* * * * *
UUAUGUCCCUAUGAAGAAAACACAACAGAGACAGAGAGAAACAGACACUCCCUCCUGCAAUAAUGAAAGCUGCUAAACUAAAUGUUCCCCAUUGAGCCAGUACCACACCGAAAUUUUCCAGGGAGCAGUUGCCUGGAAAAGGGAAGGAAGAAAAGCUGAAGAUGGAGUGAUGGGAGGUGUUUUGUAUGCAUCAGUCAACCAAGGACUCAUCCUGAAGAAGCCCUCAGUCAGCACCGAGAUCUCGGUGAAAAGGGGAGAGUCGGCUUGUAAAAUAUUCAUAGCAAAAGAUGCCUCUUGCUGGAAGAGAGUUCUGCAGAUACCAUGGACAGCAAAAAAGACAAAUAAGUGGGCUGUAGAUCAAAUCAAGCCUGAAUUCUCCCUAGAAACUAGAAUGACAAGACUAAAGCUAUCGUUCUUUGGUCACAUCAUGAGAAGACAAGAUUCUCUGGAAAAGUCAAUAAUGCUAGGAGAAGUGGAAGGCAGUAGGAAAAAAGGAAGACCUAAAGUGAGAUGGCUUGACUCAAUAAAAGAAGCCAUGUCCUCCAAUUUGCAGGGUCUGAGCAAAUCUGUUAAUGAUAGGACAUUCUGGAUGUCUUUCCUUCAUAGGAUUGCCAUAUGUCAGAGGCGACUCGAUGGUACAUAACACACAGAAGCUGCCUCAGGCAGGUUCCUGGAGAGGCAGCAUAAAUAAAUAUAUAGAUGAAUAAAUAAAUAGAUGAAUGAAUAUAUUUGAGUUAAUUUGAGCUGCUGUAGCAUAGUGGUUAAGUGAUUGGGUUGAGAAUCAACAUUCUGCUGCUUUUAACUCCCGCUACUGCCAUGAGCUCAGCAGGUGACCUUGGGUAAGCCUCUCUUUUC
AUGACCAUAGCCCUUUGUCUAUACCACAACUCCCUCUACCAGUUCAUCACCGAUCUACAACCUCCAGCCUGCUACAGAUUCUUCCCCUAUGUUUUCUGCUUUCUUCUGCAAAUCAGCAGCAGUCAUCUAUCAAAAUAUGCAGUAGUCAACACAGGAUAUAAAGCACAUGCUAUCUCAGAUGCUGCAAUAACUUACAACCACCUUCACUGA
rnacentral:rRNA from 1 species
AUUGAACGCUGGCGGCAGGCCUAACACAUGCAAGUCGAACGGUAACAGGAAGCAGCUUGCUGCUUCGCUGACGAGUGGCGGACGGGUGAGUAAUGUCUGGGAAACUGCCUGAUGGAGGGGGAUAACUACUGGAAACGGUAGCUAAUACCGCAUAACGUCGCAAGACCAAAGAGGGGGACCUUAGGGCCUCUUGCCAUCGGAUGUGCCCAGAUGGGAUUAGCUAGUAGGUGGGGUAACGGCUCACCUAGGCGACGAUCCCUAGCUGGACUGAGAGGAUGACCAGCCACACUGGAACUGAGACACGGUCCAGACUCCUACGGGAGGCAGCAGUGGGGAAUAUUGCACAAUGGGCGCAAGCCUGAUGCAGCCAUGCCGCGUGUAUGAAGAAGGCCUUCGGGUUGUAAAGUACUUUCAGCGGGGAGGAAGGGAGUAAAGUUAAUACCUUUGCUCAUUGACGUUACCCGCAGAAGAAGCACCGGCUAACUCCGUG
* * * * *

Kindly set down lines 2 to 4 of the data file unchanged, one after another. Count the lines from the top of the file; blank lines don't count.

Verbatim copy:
AUGACCAUAGCCCUUUGUCUAUACCACAACUCCCUCUACCAGUUCAUCACCGAUCUACAACCUCCAGCCUGCUACAGAUUCUUCCCCUAUGUUUUCUGCUUUCUUCUGCAAAUCAGCAGCAGUCAUCUAUCAAAAUAUGCAGUAGUCAACACAGGAUAUAAAGCACAUGCUAUCUCAGAUGCUGCAAUAACUUACAACCACCUUCACUGA
rnacentral:rRNA from 1 species
AUUGAACGCUGGCGGCAGGCCUAACACAUGCAAGUCGAACGGUAACAGGAAGCAGCUUGCUGCUUCGCUGACGAGUGGCGGACGGGUGAGUAAUGUCUGGGAAACUGCCUGAUGGAGGGGGAUAACUACUGGAAACGGUAGCUAAUACCGCAUAACGUCGCAAGACCAAAGAGGGGGACCUUAGGGCCUCUUGCCAUCGGAUGUGCCCAGAUGGGAUUAGCUAGUAGGUGGGGUAACGGCUCACCUAGGCGACGAUCCCUAGCUGGACUGAGAGGAUGACCAGCCACACUGGAACUGAGACACGGUCCAGACUCCUACGGGAGGCAGCAGUGGGGAAUAUUGCACAAUGGGCGCAAGCCUGAUGCAGCCAUGCCGCGUGUAUGAAGAAGGCCUUCGGGUUGUAAAGUACUUUCAGCGGGGAGGAAGGGAGUAAAGUUAAUACCUUUGCUCAUUGACGUUACCCGCAGAAGAAGCACCGGCUAACUCCGUG